This week, House Speaker Nancy Pelosi made headlines by taking a controversial trip to Taiwan – an independent island nation off the coast of mainland China, which the People’s Republic of China believes should be under its rule. Pelosi visited Taiwan Wednesday, against the wishes of President Joe Biden’s administration, meeting with Taiwanese lawmakers and President Tsai Ing-wen.
After warning that Pelosi’s visit was an affront to China that would come with consequences, the Chinese military fired multiple missiles into the sea off the coast of Taiwan Thursday as part of retaliatory military exercises.
PoliticsNY reached out to the top six candidates in the Congressional District 10 race – City Council Member Carlina Rivera (D-Manhattan), Attorney Dan Goldman, former U.S. Rep. Elizabeth Holtzman, Assembly Members Jo Anne Simon and Yuh-Line Niou, and U.S. Rep. Mondaire Jones – and asked them all the following question:
What do you think about Speaker Pelosi’s trip to Taiwan, considering it’s raised tensions with China? And if elected, what would your stance be toward the China/Taiwan conflict overall?
Carlina Rivera: “Speaker Pelosi has every right to conduct major diplomatic trips to key American allies.”
Dan Goldman: “I am a staunch supporter of democracy around the world, including in Taiwan. Having worked on the House Intelligence Committee, I am the only candidate in the race with a first-hand understanding of the nature and detail of our government’s classified information. Based on this understanding of the intelligence and diplomacy at play in this situation, I would be deferential to the Biden Administration’s assessment of the risks associated with Speaker Pelosi’s visit.”
Elizabeth Holtzman: “The Speaker knows that the State Department does not have the monopoly on wisdom. As a congresswoman I have stood up to the [U.S.] State Department in connection with dealings with foreign countries. Our government did not want a Congressional delegation of which I was a part to meet with Soviet dissidents and Jewish refuseniks while we were in Russia. We ignored that request. Similarly, when I wanted to travel as chair of the Immigration Subcommittee to Vietnam to deal with the boat people crisis, the State Department not only counseled our delegation against going but refused to allow us to travel in a military plane. We went anyway, and meetings with the Foreign Minister laid the groundwork for an orderly departure agreement that was concluded between the U.S. and Vietnam which saved many refugee lives.”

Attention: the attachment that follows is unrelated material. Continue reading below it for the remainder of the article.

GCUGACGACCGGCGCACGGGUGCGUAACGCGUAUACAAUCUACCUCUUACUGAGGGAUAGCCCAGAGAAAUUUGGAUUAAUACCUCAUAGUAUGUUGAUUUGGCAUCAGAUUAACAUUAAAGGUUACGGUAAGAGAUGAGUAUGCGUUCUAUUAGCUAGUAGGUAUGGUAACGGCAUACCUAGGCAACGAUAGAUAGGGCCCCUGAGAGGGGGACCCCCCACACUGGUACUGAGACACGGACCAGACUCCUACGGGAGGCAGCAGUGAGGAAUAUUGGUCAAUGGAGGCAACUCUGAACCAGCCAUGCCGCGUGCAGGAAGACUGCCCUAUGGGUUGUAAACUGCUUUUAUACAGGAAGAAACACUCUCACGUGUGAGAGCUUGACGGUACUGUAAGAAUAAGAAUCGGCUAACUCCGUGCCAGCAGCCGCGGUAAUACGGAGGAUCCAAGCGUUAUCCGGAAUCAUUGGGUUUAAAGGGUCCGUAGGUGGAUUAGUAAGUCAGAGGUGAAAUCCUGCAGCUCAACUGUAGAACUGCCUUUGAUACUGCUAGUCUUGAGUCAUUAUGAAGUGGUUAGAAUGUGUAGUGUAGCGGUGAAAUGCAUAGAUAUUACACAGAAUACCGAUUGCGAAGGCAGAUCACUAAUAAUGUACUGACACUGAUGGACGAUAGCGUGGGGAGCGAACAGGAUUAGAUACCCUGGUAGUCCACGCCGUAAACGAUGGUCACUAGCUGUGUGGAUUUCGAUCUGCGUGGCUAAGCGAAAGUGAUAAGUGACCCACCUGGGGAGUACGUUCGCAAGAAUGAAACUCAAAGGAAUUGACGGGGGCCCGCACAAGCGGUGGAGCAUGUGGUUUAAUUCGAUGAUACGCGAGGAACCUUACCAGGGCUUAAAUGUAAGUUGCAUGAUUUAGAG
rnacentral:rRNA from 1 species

Jo Anne Simon: “American leaders are ambassadors of democracy. Speaker Pelosi’ choice to visit Taiwan, a democracy, is in line with America’s foreign policy goals and values. I welcome a partnership with China when it comes to fighting climate change and tackling other global problems, but that partnership can not supersede the bedrock American value of protecting democracies across the globe.”
Mondaire Jones: “As a member of the House of Representatives, I’ve been a staunch defender of democracy and promoting peace. Speaker Pelosi, who has endorsed my campaign, made it unequivocally clear that this visit does not change longstanding U.S. policy towards Taiwan. China’s escalation of military action and economic pressure in retaliation to this visit is unjustified and a threat to peace. As the only candidate in this race with foreign policy experience, I know for a fact that the U.S. can – and must – take a stand against authoritarianism while avoiding armed conflict. That is why I’ll continue to lead efforts in Congress to not only defend our democracy from hate and fascism here at home, but also promote peace and democracy abroad.”
Yuh-Line Niou: A spokesperson for Niou declined to comment due to her packed schedule.